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Object: Darby and Joan [Ina Te Papatahi, Ngapuhi]

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Title Darby and Joan [Ina Te Papatahi, Ngapuhi]
Production Goldie, Charles F. (artist), 1903, Auckland
Medium summary oil on canvas
Materials oil paint, canvas
Classification paintings
Dimensions Image: 999mm (Height) x 1250mm (Width)
Frame: 1469mm (Height) x 1715mm (Width)
Format horizontal format
Credit line Purchased 1991 with New Zealand Lottery Grants Board and the Minister's discretionary funds
Registration number 1991-0001-1

This oil painting features Ina Te Papatahi, a Ngä Puhi leader from the Hokianga, who Charles Goldie first painted in 1902. She appeared in more than eighteen Goldie portraits over the following years. Darby and Joan illustrates Goldie's characteristic methods of painting Mäori subjects. It features careful brushwork, a naturalistic approach to the subject, and a contrast of Mäori sitter and Mäori material culture.

Gifts to the Governor
In 1903, this painting and one of Ina Te Papatahi's cousin, Rewiri Tarapata, were given to Lady Ranfurly, wife of the Governor, as a parting gift by the citizens of Auckland when she left Aotearoa. In 1990 both paintings were again in the spotlight when the National Art Gallery controversially purchased them for $900,000. While the price was high, the acquisition has enhanced Goldie's representation in Te Papa's collection, and the two portraits show him at the peak of his career.

Ambivalent images
Goldie's painting has been criticised as formulaic. It is often noted that Goldie's attitude towards his subjects is somewhat ambiguous. Meticulous and realistic, the portraits record valuable information about some notable figures. But as the title Darby and Joan suggests, Goldie isn't simply painting a portrait of Te Papatahi. 'Darby and Joan' makes reference to a well-known English song, in which an old couple, long-time partners, are still touchingly attached to each other. Here, 'Joan' is Te Papatahi, and 'Darby' is the carving she sits beside. Intentionally or not, the nostalgia of the paintings also tends to perpetuate a European view at the time of Mäori as a dying race.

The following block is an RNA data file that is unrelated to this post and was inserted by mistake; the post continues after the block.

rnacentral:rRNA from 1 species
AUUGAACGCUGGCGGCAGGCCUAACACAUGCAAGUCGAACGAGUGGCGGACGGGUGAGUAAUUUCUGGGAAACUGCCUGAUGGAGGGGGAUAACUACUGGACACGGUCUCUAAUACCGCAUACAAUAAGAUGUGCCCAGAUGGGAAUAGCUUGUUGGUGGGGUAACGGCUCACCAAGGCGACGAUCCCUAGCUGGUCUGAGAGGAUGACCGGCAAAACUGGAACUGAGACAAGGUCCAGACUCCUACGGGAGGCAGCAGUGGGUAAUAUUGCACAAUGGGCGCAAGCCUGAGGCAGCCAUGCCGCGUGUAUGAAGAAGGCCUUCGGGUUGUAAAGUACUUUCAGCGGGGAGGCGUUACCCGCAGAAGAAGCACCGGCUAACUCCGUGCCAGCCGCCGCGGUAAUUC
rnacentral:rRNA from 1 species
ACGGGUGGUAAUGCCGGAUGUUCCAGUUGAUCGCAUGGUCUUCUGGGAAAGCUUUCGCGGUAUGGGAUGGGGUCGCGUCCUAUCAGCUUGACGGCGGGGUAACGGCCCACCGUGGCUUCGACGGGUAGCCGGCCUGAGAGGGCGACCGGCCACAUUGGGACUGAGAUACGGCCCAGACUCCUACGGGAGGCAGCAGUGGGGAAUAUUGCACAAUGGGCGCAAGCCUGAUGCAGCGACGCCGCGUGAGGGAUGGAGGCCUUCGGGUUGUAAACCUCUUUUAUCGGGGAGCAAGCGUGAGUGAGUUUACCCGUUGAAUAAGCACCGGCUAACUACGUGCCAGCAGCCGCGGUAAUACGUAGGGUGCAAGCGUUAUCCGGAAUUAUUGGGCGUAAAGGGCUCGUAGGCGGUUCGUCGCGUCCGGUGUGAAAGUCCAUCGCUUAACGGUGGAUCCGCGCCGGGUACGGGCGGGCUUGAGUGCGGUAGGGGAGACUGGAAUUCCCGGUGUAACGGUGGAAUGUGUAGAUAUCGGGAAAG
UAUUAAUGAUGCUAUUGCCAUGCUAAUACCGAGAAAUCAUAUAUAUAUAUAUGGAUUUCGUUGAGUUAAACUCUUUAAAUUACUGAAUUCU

Related information

Disclaimer: This information was created from historic documentation, and may not necessarily reflect the best available knowledge about the item. Some collection images are created for identification purposes only and may not be of reproduction quality. Some images are not available due to copyright restrictions. If you have information or questions about objects in the collection, contact us using our enquiry form. You can also find out more about Collections Online.